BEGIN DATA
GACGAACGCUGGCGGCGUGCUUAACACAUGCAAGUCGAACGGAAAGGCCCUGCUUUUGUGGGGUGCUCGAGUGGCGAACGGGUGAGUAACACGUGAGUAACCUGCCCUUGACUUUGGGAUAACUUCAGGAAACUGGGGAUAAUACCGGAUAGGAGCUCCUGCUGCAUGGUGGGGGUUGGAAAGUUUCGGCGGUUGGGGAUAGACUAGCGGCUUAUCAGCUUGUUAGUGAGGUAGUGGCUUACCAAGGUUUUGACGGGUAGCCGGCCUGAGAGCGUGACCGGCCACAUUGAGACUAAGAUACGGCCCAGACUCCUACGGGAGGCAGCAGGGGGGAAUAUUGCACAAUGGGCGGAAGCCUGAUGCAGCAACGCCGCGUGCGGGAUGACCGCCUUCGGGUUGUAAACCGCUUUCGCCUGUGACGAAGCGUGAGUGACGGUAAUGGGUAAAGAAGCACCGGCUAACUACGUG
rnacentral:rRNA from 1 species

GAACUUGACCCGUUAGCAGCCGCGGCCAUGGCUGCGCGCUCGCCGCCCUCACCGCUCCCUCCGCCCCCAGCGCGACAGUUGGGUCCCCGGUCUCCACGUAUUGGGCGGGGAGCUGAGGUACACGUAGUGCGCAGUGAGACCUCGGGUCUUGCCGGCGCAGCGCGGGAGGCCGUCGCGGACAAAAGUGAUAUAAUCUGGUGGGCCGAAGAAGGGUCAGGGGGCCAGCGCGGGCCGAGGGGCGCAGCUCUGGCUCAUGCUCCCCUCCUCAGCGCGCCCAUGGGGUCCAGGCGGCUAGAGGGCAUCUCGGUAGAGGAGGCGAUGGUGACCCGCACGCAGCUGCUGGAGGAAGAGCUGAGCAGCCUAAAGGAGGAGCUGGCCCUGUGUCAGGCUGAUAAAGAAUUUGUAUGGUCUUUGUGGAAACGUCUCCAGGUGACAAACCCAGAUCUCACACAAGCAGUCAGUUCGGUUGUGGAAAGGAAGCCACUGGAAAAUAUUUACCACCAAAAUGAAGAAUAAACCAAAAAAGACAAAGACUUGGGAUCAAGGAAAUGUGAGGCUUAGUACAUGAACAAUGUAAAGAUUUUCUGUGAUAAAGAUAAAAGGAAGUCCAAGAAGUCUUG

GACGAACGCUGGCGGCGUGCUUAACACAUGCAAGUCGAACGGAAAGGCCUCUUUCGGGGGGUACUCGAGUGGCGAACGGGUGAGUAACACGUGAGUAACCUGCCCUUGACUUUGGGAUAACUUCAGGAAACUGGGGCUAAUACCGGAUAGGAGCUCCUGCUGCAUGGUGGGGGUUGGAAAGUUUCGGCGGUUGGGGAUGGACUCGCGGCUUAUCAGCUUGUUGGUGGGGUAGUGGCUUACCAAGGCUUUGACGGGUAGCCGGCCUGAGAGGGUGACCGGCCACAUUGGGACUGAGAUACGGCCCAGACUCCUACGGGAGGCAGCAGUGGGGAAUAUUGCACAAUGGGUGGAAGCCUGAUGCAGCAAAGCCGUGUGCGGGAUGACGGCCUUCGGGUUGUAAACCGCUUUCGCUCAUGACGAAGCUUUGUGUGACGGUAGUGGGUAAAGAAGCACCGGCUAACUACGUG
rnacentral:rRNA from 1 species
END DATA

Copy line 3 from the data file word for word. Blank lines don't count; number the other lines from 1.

GAACUUGACCCGUUAGCAGCCGCGGCCAUGGCUGCGCGCUCGCCGCCCUCACCGCUCCCUCCGCCCCCAGCGCGACAGUUGGGUCCCCGGUCUCCACGUAUUGGGCGGGGAGCUGAGGUACACGUAGUGCGCAGUGAGACCUCGGGUCUUGCCGGCGCAGCGCGGGAGGCCGUCGCGGACAAAAGUGAUAUAAUCUGGUGGGCCGAAGAAGGGUCAGGGGGCCAGCGCGGGCCGAGGGGCGCAGCUCUGGCUCAUGCUCCCCUCCUCAGCGCGCCCAUGGGGUCCAGGCGGCUAGAGGGCAUCUCGGUAGAGGAGGCGAUGGUGACCCGCACGCAGCUGCUGGAGGAAGAGCUGAGCAGCCUAAAGGAGGAGCUGGCCCUGUGUCAGGCUGAUAAAGAAUUUGUAUGGUCUUUGUGGAAACGUCUCCAGGUGACAAACCCAGAUCUCACACAAGCAGUCAGUUCGGUUGUGGAAAGGAAGCCACUGGAAAAUAUUUACCACCAAAAUGAAGAAUAAACCAAAAAAGACAAAGACUUGGGAUCAAGGAAAUGUGAGGCUUAGUACAUGAACAAUGUAAAGAUUUUCUGUGAUAAAGAUAAAAGGAAGUCCAAGAAGUCUUG